Alzheimers – It Won’t Blow Over

My dad says to my mom, “Once this all blows over, things will go back to normal…” and similar statements.

The doctors and people my parents interface with for his Alzheimer’s say that this is a common statement that people with Alzheimer’s will make when they still have a degree of awareness that they have changed.
Sadly, it isn’t going to blow over and it isn’t going away and there is no cure. He decided to participate in the study because he knows it won’t benefit him at all, but if it can help someone in the future it will be worth it.

My dad played football in highschool and went to college on a football scholarship. He later went on and played semi-pro ball in anticipation of trying out for the Steelers, but life changes and responsibilities pushed him a different direction. At that time (late 50s, early 60s) the helmets and safety gear left a lot to be desired and there’s plenty of research now that shows the affects that concussions and repeated head injuries cause the build-up of amyloid and tau in the brain.

An Annals of Medicine article in the New Yorker by Malcolm Gladwell discusses the relationship between head injuries and chronic traumatic encephalopathy (CTE) that manifests as Alzheimers except that there isn’t the amyloid protein that precedes the tau, just the tau. So much research is being done and hopefully in the future this disease can be treated in advance.

My dad was an amazing athlete and when I was younger we spent a lot of time playing tennis together and sometimes racquetball. I remember when Monday Night Football was first on tv and it was a huge deal. I would beg to be allowed to stay up and my parents would allow me to watch the first half if I was really lucky. That was a long time ago. My dad was also an excellent golfer and my brother inherited his love of golf from him and they enjoyed some serious golfing over the years. My dad hasn’t golfed in a few years; he started losing interest in things he enjoyed about five years ago, though he didn’t get an official diagnosis until three years ago. He has trouble following a conversation, a movie or book story line, and cannot do puzzles any more although he was a voracious reader and crossword and sudoku afficianado. He can still talk fluently and spout facts about the Steelers, Penguins and Pirates so I suppose he still has his priorities! Sometimes he forgets to eat, which is definitely priorities out of whack.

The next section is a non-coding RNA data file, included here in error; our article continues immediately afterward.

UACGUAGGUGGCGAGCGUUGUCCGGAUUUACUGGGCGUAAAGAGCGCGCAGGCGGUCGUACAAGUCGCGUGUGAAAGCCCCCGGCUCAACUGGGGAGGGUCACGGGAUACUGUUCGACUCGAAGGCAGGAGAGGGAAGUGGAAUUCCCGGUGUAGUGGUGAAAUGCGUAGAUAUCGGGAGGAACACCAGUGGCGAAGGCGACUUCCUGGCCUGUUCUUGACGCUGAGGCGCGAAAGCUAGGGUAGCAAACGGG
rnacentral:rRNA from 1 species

He remembers who we all are and he remembers our phone numbers which is a blessing and a curse. Over the years when there have been crises of one sort or another at their house, he has frequently called my husband. We joked the other day that God forbid something would happen to my mom, he won’t call 911,he’ll call Dan.

It’ll be interesting to see what the tests he had reveal. Hopefully he can stay where he’s at right now for a while, that would be good.

For anyone else living with this, you are in my thoughts and you are not alone.


2 thoughts on “Alzheimers – It Won’t Blow Over

  1. Hello Leigh,

    none of us can say, “I know how you feel and what you are going through.” We all deal with Alzheimer’s differently and each Alzheimer’s patient is different. I was the caregiver for my mother-in-law, her sister and my husband. Mom had early onset Alzheimer’s, Aunt Benny had late onset Alzheimer’s and my husband had multiple dementia. They were so different that I had to rethink how I interacted with them each time.

    I am a Ph.D. in Clinical Hypnotherapy with a background in psychology. My ability to communicate with each of them allowed me to keep my sanity. Aunt Benny passed at 92 of kidney failure and the autopsy showed she defiantly had Alzheimer’s; mom passed 1 week shy of her 91st birthday of heart failure (she died in her sleep); and my husband passed at the age of 74 from heart failure because when he lost his ability to speak and his sight started to fail he asked to have his AICD turned off. He died 4 months later. That was in June of 2009.

    I started writing a book called Bewildered, a families struggle with Alzheimer’s, 8 years ago. I have and entire outline and have written 30 chapters. Right now the memories are still too new for me but one day I will get back to it and write my families story. thank you for sharing yours.


  2. Opps, I forgot to check the boxes. You can contact me anytime. I have a good friend that is going through what I went through with my husband. When she asked me for advice I told her the most important thing was to just love him, no matter what transpires between them because none of this is his fault.

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